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Greg Bluestein

Why Georgia’s sleepy Senate race could soon get a wakeup call

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Democratic Senate nominee Jim Barksdale at his first press conference. Greg Bluestein/AJC photo.

Democratic Senate nominee Jim Barksdale at his first press conference. Greg Bluestein/AJC photo.

Georgia’s sleepy U.S. Senate race could get a jolt thanks to the more than $3 million that a little-known Democratic outsider has pumped into his own campaign — and he could try to neutralize the Republican incumbent’s advantage with a few more strokes of a pen.

U.S. Sen. Johnny Isakson is considered the heavy favorite to win a third term, and analysts mark it as a reliably safe seat for Republicans in November. But his campaign is gearing up for a fight against Jim Barksdale, who has largely run a stealth campaign with few public events and remains relatively unknown to many voters.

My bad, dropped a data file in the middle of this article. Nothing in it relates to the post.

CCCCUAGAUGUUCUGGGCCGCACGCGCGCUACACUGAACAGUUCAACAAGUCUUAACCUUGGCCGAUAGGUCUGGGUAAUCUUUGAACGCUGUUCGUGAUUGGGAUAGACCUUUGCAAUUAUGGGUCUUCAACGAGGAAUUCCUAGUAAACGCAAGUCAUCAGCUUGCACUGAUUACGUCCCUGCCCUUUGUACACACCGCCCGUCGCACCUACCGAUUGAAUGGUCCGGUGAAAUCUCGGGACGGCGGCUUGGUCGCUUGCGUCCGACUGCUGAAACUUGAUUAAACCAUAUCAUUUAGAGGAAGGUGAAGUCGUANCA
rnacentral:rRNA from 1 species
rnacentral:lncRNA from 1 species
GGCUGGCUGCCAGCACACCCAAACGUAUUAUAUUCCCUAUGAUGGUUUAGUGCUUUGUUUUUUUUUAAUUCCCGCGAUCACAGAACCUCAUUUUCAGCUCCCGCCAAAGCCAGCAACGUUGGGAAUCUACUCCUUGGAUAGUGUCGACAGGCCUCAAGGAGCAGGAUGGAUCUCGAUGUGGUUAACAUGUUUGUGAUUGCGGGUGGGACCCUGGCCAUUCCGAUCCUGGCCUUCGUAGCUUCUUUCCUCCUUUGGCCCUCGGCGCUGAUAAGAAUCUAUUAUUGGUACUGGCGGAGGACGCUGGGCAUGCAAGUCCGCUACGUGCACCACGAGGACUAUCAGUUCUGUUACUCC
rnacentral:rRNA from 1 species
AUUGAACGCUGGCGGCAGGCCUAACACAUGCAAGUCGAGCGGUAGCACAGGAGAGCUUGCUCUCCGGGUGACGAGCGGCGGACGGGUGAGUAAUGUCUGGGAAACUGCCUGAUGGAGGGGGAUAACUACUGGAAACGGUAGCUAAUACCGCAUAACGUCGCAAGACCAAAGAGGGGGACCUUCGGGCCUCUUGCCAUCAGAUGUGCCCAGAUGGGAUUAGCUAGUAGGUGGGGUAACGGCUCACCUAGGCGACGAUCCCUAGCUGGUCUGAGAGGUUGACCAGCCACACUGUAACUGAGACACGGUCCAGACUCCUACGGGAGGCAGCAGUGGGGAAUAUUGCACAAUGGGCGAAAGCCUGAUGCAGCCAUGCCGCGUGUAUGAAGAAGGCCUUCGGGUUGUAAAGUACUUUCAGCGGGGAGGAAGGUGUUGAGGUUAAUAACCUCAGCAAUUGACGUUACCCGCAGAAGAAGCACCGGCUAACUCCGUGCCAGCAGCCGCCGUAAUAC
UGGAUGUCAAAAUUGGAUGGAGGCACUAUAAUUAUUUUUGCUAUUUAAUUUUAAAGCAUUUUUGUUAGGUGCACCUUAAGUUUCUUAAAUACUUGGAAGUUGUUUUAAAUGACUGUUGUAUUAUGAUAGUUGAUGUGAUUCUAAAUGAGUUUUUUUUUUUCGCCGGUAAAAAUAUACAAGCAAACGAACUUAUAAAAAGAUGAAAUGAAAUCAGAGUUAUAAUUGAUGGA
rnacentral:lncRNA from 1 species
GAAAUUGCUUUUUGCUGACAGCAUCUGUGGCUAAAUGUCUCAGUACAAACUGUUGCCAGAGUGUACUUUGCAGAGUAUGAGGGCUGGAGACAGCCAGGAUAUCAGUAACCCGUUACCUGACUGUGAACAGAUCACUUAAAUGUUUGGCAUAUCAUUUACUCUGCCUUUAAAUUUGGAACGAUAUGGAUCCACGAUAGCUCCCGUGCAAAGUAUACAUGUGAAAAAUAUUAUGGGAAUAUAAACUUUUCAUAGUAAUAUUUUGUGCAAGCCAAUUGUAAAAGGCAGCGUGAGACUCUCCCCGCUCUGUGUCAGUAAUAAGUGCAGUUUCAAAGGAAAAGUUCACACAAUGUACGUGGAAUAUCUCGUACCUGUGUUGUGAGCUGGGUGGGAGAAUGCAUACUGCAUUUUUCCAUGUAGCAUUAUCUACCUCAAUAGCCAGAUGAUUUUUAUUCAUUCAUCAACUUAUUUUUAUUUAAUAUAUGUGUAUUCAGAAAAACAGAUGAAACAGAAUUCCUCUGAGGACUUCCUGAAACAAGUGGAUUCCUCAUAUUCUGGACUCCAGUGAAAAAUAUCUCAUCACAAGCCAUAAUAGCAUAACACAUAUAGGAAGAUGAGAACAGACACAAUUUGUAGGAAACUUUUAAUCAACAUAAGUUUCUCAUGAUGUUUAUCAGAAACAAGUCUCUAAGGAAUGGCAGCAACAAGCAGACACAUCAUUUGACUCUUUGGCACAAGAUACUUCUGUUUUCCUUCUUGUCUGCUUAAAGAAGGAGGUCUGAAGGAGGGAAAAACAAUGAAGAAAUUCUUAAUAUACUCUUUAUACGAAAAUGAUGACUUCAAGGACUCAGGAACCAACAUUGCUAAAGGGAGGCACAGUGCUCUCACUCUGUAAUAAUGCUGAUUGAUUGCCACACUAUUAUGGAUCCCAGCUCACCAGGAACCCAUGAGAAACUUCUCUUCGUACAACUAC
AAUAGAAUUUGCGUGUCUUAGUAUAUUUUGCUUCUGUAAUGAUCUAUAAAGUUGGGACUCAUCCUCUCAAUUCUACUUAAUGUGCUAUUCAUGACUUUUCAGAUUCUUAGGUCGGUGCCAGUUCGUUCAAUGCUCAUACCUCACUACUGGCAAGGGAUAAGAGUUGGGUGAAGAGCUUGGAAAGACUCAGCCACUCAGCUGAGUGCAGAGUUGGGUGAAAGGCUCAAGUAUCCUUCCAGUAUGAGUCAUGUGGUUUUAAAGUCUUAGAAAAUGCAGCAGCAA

“He’s demonstrated he’s willing to write a giant check, and I’m sure there are probably more giant checks to come,” Isakson said of Barksdale, adding: “I believe you earn your way through, you don’t buy your way through. This race ought to be about the issues, not the amount of money you have.”

Barksdale’s campaign, seeing a potential opening, on Monday challenged Isakson to six debates around the state. In his letter to Isakson, he cited the “two very different visions for America’s future unfold at the conventions” over the last two weeks.

Read more about the Senate race, and the sharply-contrasting foreign policy views, by clicking here.